There isn't, however, anything stopping the UFC from investing in mechanically rigged cameras for overhead shots looking into the Octagon or longer zoom lenses from the back of arenas to offer slightly different angles of the fight, other than budget - or cheapness. With all the talk of "investing back into the sport", after giving us the mediocrity that was UFC 122 I'd rather the money go into updating the production. Ambient microphones embedded into corner posts to capture and accentuate the grunts, thuds and cracks of combative violence wired into the arena PA could make the live experience even more visceral and keep the crowd amped. A bit pro wrestling-esque, but a clever psychological ploy too. I would suggest investment into R&D for a more translucent alternative to the current cage mesh but that would be hoping for too much. Plexiglass has been suggested in the past but it is clearly too dangerous to be smashed into, not to mention the horrific imagery of blood spatters, or worse - squashed, discoloured sweaty flesh during an inevitable clinch-fest. A micro netting that offers the same tensile strength and non-abrasive texture for safe containment but is thin enough to trick the human eye into seeing beyond it is my best suggestion. It could also potentially stop the frowned upon fence grabbing if the holes are small enough.

Even the entrances for UFC could do with a facelift. I'm not talking full blown WWE theatrics, but compared to Pacquaio's and Margarito's entrances, UFC's often feel too stripped down by comparison. A separation from the crowd makes them stand out from the crowd and highlights their significance. Maybe some of the UFC's appeal is in how fighters can seem like they come 'from' the people which is why the entrance-ways are so narrow allowing fan interaction such as high fives (or hat thefts). Personally I think it's possible to elevate and separate  the fighters without alienating them from the fans and again it looks more professional. At least with the UFC though, the fighters only enter the Octagon and not the entire corner team and entourage like in Boxing. The only other man in the ring or cage at the beginning should be the referee.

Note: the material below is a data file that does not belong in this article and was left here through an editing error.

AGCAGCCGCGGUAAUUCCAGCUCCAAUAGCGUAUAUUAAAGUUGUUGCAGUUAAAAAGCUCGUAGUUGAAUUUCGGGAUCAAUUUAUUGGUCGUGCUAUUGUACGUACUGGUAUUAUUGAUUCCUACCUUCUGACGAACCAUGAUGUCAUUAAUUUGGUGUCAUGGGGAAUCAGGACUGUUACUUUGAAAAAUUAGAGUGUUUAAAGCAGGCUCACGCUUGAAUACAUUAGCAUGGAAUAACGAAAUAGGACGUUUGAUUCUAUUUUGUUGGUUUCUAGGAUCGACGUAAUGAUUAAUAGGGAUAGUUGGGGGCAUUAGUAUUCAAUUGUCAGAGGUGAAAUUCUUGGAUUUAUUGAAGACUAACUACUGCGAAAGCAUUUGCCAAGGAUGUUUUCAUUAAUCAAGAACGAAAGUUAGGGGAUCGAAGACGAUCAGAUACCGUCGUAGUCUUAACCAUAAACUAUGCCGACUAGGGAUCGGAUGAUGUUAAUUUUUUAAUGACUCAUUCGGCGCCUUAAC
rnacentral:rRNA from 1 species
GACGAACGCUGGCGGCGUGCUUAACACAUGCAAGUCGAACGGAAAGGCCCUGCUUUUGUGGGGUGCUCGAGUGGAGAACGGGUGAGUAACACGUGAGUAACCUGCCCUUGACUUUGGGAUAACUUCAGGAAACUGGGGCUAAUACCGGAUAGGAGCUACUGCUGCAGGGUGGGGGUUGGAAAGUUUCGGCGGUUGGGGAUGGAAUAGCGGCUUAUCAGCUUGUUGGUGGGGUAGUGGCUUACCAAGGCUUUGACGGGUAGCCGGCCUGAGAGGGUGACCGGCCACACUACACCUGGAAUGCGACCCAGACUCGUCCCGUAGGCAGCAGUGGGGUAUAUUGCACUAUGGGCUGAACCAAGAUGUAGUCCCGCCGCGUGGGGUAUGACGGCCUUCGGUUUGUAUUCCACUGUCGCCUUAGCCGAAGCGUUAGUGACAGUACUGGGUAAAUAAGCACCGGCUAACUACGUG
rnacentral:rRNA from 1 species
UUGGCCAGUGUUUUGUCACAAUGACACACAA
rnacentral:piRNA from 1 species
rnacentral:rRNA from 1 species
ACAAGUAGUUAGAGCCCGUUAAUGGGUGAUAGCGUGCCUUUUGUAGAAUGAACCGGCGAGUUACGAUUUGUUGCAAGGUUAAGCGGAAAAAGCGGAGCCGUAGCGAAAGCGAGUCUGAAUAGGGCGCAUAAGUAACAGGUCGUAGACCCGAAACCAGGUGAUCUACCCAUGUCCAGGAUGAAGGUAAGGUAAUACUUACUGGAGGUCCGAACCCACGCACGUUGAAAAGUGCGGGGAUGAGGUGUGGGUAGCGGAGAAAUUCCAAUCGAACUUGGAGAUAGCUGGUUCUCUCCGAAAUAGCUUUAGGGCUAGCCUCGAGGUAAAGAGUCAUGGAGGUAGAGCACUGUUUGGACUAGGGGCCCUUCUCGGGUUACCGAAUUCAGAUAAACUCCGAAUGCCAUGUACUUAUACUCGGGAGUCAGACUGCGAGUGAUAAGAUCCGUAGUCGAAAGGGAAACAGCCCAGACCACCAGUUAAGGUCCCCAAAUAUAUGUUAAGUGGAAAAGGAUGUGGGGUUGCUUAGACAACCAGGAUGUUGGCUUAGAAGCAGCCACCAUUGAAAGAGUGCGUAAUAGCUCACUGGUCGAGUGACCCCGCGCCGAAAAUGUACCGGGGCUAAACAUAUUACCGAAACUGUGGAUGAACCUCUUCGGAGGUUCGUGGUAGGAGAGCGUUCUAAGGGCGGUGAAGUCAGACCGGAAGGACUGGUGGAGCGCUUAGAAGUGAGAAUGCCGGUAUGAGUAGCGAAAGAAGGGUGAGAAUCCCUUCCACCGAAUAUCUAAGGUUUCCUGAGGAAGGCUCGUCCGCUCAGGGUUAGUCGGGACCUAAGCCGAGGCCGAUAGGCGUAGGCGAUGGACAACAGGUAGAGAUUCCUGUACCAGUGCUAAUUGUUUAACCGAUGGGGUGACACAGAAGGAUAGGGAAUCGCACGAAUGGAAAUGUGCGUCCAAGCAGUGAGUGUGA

Speaking of which, while Boxing referees look somewhat comical with their dated traditional shirt and dickie bow-tie, sharper uniforms would benefit referees on a UFC show. Keep the black gloves, but a smarter sleeveless shirt and slacks wouldn't go amiss. Currently they look a little too shabby to officiate a sporting contest.

Finally, I think the biggest thing I noticed Saturday night was the focus on the participants and not on the promoter. I think that's what makes Boxing done correctly a higher form of sport then UFC's MMA. UFC generally gives better bang for your buck, spreading the cost over multiple fights rather than solely banking on the main event surrounded by filler, but UFC fighters end up having to share the spotlight with Dana White. Instead of just a promoter selling his fighters and the event we have more of a ring master who has no problem whipping one of his attractions publicly when he feels they've underperformed. As long as White continues to act like P.T. Barnum he shouldn't be surprised the UFC doesn't get more favourable, mainstream media attention when they see it as a circus instead of a sport. One of the greatest contributions White could currently make is reigning himself back and allow the UFC to break out of the mould it's created for itself, or risk being suffocated by it.